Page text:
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Amnesty condemns use of torture in Tajikistan

Amnesty International condemned Thursday the routine use of torture and beatings at detention facilities in the Central Asian nation of Tajikistan.

The rights group said in a report detailing a series of cases of abuse that victims of ill-treatment and their families are often afraid of reporting their experiences for fear of police reprisals.

"The torture methods used by the security forces are shocking: electric shocks, boiling water, suffocation, beatings, burning with cigarettes, rape and threats of rape," said Amnesty's Tajikistan researcher Rachel Bugler. "The only escape is to sign a confession or sometimes to pay a bribe."

Earlier this year, lawmakers in the former Soviet republic on Afghanistan's border approved changes to the criminal code that made torture an offense punishable by prison sentences of between five and 15 years.

But Amnesty's Bugler said officials' promises to uphold human rights have not been kept in practice. Bugler said authorities unofficially create incentives for torture by positively assessing law enforcement officers on the basis of the number of cases they solve.

Authorities acknowledge that there have been some incidents of torture, but have denied the problem is endemic in the mainly Muslim nation of 7 million people.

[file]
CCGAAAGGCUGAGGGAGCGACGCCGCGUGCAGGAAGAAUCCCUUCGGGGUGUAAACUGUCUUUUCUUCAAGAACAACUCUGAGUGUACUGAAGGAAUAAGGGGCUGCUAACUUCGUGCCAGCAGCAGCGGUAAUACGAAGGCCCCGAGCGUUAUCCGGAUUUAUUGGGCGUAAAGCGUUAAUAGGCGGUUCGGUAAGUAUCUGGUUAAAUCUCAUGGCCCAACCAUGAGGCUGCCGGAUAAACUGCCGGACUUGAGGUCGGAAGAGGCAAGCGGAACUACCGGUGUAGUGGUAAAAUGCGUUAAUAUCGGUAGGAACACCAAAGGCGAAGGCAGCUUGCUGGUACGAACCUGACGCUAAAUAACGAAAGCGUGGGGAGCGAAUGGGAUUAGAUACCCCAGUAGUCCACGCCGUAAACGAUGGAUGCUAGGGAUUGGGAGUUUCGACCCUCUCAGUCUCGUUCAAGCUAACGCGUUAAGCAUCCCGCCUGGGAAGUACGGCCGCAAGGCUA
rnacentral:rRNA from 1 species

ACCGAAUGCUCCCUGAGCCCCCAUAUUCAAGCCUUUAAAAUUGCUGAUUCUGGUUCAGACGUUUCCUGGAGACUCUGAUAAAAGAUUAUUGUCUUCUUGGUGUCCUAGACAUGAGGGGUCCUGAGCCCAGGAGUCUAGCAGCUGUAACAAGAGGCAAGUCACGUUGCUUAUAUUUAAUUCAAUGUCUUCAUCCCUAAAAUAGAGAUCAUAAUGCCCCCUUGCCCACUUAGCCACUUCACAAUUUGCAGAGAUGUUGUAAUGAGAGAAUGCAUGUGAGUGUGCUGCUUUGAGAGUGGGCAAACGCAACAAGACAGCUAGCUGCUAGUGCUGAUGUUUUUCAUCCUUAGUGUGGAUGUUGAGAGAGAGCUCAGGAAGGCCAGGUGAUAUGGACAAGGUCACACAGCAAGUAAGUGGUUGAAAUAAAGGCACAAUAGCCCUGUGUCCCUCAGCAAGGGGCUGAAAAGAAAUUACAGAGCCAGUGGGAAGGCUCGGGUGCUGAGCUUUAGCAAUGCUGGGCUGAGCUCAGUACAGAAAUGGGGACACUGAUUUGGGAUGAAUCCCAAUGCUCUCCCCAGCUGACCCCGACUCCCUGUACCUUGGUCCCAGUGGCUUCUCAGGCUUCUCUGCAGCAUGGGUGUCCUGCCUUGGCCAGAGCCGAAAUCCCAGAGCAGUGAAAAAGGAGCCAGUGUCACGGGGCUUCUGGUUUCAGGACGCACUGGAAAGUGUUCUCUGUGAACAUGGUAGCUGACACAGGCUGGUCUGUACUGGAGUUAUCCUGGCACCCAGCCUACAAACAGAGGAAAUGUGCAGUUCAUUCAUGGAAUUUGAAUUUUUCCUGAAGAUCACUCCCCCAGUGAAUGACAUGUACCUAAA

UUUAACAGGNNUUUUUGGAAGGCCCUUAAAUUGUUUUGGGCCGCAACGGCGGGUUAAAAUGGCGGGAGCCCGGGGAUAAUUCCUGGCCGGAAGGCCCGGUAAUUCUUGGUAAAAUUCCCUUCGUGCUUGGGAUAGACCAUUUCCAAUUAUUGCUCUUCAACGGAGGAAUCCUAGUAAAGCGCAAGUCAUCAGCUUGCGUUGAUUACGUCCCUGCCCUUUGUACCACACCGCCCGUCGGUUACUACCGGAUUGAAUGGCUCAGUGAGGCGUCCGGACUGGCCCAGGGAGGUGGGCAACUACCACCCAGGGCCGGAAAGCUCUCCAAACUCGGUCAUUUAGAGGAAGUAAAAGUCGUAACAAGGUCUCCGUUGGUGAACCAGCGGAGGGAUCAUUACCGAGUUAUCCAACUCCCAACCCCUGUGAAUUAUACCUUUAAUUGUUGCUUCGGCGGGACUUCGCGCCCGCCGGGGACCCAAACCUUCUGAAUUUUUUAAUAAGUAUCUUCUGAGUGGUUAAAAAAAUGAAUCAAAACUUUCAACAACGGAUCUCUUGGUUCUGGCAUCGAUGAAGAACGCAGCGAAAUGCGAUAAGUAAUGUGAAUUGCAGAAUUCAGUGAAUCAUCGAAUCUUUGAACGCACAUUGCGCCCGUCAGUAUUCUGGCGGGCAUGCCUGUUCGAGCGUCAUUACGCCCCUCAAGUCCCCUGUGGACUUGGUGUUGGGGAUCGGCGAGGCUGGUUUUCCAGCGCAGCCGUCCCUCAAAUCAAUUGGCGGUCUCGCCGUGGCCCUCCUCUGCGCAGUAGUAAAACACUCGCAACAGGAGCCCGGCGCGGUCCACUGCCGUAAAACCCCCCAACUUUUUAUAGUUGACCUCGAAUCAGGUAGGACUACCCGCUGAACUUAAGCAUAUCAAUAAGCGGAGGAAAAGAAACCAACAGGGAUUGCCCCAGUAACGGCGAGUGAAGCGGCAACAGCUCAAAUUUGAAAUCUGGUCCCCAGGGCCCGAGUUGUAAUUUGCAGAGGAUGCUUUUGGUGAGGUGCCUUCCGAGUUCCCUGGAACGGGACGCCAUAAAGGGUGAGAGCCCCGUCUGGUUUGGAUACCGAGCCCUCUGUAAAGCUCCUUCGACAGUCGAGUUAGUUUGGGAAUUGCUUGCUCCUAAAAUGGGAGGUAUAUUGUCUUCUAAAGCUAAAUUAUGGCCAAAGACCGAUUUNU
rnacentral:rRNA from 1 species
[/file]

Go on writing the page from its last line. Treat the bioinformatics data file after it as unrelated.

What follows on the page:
The Prosecutor General's Office has said it received 26 reports of torture last year, of which it confirmed five cases.

Tajikistan has for a number of years undertaken a sustained campaign to clamp down on any perceived signs of Islamic radicalism. Amnesty said members of Islamic groups are included among those subjected to ill-treatment in detention.

In a landmark case for Tajikistan, a court in the southern Khatlon province this week began hearings in the trial of a policeman accused of driving an underage detainee to suicide after subjecting him to mistreatment during interrogations over a case of theft.

Prosecutors said this trial is the first of its kind under recently implemented legislation.

Amnesty's recommendations included notifying detainees of their rights during detention and maintaining proper records to provide safeguards against torture and other ill-treatment in custody. It also called for the creation of an independent body to oversee security forces.

"These are the steps that will bring Tajikistan closer to the rule of law and closer to fulfilling its international obligations," Bulger said.